Super Bowl XLV: Returning the Lombardi Trophy To Titletown, U.S.A.

Mike RCorrespondent IFebruary 7, 2011

ARLINGTON, TX - FEBRUARY 06:  Aaron Rodgers #12 and Clay Matthews #52 of the Green Bay Packers of the Green Bay Packers holds the Lombardi Trophy after defeating the Pittsburgh Steelers 31-25 during Super Bowl XLV at Cowboys Stadium on February 6, 2011 in Arlington, Texas.  (Photo by Ronald Martinez/Getty Images)
Ronald Martinez/Getty Images

The popular thing to do here in Minneapolis (much to my dismay as a fan of the green and gold) is to discredit the Packers' triumphs. Whether it's a regular-season victory over a non-conference nemesis, division foe, or, worst of all, the (in fair weather) beloved Vikings, the song remains the same.

Today, Vikings fans (for the most part), as well as the rest of the country, couldn't do much but pay homage to the clinic put on by Aaron Rodgers and the Green Bay Packers last night.

After clinching the 13th title to add to Green Bay's mantle last night, Aaron Rodgers earned Super Bowl XLV MVP honors. He became the third quarterback in Super Bowl history to throw for over 300 yards and three touchdowns in the biggest game, on the biggest stage on earth.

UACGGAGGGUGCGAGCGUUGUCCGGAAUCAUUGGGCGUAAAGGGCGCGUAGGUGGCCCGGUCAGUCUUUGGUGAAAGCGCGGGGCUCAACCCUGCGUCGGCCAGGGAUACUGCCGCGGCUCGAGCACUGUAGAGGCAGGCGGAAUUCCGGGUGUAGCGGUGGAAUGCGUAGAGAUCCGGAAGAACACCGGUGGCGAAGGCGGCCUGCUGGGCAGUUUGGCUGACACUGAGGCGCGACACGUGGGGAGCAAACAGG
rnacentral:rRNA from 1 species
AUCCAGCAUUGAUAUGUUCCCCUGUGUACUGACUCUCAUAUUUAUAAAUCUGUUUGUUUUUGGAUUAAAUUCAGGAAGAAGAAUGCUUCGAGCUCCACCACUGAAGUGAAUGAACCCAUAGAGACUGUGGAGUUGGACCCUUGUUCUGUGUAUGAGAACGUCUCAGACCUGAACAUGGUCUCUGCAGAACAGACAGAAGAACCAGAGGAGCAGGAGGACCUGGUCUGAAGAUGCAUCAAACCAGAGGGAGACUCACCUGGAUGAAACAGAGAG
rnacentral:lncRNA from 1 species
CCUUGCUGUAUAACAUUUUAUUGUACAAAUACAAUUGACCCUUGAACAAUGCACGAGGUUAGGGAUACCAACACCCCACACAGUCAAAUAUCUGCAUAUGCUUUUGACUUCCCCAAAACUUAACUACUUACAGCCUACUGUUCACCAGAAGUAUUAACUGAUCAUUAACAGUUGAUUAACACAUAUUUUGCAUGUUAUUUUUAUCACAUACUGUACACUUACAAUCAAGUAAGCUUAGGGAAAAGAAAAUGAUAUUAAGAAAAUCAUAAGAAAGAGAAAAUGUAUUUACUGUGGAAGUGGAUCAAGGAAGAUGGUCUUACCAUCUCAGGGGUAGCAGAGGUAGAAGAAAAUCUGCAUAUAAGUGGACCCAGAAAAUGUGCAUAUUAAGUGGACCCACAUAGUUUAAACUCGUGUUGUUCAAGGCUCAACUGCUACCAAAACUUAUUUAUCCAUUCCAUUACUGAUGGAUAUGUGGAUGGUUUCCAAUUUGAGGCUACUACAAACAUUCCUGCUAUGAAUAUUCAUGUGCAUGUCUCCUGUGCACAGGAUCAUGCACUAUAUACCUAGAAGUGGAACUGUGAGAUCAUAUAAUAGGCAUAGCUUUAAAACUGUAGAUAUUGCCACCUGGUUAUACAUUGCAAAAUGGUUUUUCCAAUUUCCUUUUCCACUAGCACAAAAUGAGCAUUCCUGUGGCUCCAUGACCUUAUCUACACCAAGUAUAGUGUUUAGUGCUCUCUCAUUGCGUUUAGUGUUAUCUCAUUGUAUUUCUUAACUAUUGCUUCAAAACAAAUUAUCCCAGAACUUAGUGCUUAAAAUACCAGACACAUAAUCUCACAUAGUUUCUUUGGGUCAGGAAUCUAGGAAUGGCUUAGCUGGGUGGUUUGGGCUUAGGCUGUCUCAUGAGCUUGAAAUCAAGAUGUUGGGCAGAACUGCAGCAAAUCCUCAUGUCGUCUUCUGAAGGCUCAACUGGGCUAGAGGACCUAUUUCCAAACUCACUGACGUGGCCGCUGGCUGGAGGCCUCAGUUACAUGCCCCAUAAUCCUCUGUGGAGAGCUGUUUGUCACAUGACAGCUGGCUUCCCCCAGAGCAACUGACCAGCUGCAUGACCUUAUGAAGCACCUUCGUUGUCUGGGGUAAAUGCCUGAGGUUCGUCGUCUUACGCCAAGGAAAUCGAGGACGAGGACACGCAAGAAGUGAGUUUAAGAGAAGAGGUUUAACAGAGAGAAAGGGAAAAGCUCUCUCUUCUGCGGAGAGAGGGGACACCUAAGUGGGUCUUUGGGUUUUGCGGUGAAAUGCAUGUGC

Unlike the Black Eyed Peas, Rodgers delivered in the clutch (side note—doesn't Jerry World have a working sound system? One would think $1 billion would provide for a microphone that doesn't cut out constantly).

One thing I took away from the passing clinic put on by Rodgers was the guy burnt by Jennings not once, but twice—the defensive MVP of the League, Troy Polamalu. He's a class act. After the game, he (undeservedly) took the blame for the Steel Curtain's collapse.

However, it was funny to see Rodgers not only give the vote of confidence to his receiving corps (after continually dropping passes on the hands), but also giving props to the second-place snub in the running for said defensive MVP of the league, his teammate Clay Matthews.

Here's another point: the Packers are the best team in the NFL in 2010-11's season. They took on the best the NFC had to offer and beat them, on the road—seeds Nos. 3, 1 and 2, in that order.

Then Green Bay took on, and methodically beat, the six-time Super Bowl champion Steelers, the second seed in the AFC and the team that beat the team that beat the No. 1 seeded Patriots in New England.

Rivals can dispute all they want—it's what makes the NFL and its fans so great—but one thing that can't be disputed is the fact that Green Bay is Titletown, and it beat the best the league had to offer an NFL best 13 times in the franchise's storied history. GO PACK GO!